Pressure has been placed on both FIFA and authorities in Afghanistan to act amid the sexual abuse allegations enveloping football in the country.
Humans Rights Watch (HRW) and international football social enterprise AFDP Global have both made statements in the wake of horrific claims from female players.
Afghan Football Federation (AFF) President Keramuudin Karim and five others temporarily left their positions with the national body after the Afghanistan Attorney General's office launched an investigation into the accusations, first published in British newspaper The Guardian.
It is claimed that players from the women's team have faced sexual and physical abuse including rape and beatings from individuals including Karim.
The AFF has dismissed the allegations as "groundless" but FIFA provisionally suspended Karim for 90-days in December.
He lost an appeal against this sanction last month while Afghanistan President Ashraf Ghani has ordered a probe into the claims.
FIFA also began its own investigation when the allegations - which Karim vehemently denies - first emerged.
HRW has called on Afghan authorities to "fully investigate and appropriately prosecute the sexual assault claims".
They said FIFA should "assist and monitor Afghan Government prosecutions and promote justice for the victims, protection of witnesses, and safety of players on the Afghan women's team".
"Afghan authorities, as a critical step in ending violence against women in public life, need to act decisively and fully prosecute all those responsible for crimes against members of the Afghan women's football team," said Minky Worden, director of global initiatives at HRW.
"FIFA, which said it began investigating these allegations last April, should share information with Afghan investigators and maintain a ban on accused officials."
Former Afghanistan captain Khalida Popal added: "Our biggest concern is that if FIFA takes more time, this topic will be dropped off the global agenda, which we can't let happen.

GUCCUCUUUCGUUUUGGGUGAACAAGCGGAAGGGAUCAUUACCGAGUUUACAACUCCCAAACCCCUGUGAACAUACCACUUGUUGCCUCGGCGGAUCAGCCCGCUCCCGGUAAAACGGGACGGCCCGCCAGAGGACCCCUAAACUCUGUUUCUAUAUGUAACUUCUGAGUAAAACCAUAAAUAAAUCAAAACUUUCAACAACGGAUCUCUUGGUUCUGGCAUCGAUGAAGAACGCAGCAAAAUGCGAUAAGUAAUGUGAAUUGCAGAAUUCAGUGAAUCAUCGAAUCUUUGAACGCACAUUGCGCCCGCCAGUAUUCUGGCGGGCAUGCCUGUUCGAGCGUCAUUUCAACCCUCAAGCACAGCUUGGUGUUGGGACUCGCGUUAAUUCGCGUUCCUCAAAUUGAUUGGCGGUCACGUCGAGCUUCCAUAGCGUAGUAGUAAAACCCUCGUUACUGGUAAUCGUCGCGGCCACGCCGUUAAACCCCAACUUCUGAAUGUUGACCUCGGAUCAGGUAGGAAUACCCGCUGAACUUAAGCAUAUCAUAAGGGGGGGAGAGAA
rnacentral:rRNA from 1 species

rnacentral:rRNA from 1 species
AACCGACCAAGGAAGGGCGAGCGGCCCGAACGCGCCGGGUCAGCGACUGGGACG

"The women and girls of Afghanistan deserve and have a right to experience sports free of inequality, harassment, abuse, and sexism."
Afghan investigators are set to visit Europe and Canada as part of their probe.
AFDP Global, founded by Jordanian Royal Family member Prince Ali Bin-Al Hussein, held a round-table event in London to discuss the allegations.
FIFA officials including general secretary Fatma Samoura, human rights manager Andreas Graf and chief women's football officer Sarai Bareman were invited but did not attend.
Former United States player Kelly Lindsey, now the manager of Afghanistan's women, was among those who did take part.
Nine recommendations were made to the AFF with another seven made to FIFA.
"Following my urgent call for action in November last year, this round-table was assembled to discuss the continued and serious concerns for the Afghanistan national women's football team," said Prince Ali, who unsuccessfully challenged Sepp Blatter for the FIFA Presidency in 2015.
"Our deliberations centered on the well-being and safety of all the affected players and staff.
"This must be a paramount priority and the round-table will help to ensure that key organisations and individuals who care deeply about the integrity and standing of the women's game are able to work together effectively and in an accountable manner.
"The culture in football needs urgent reform and the statutes need to be defined so that being a Member Association of FIFA entails duties and responsibilities to protect the integrity of the game."
Allegations have included Popal saying that officials had bullied players into sex.
Popal even alleged the President has a bed inside his office and that only Karim's fingerprint can open the door, meaning once a player enters the room they cannot leave without his permission.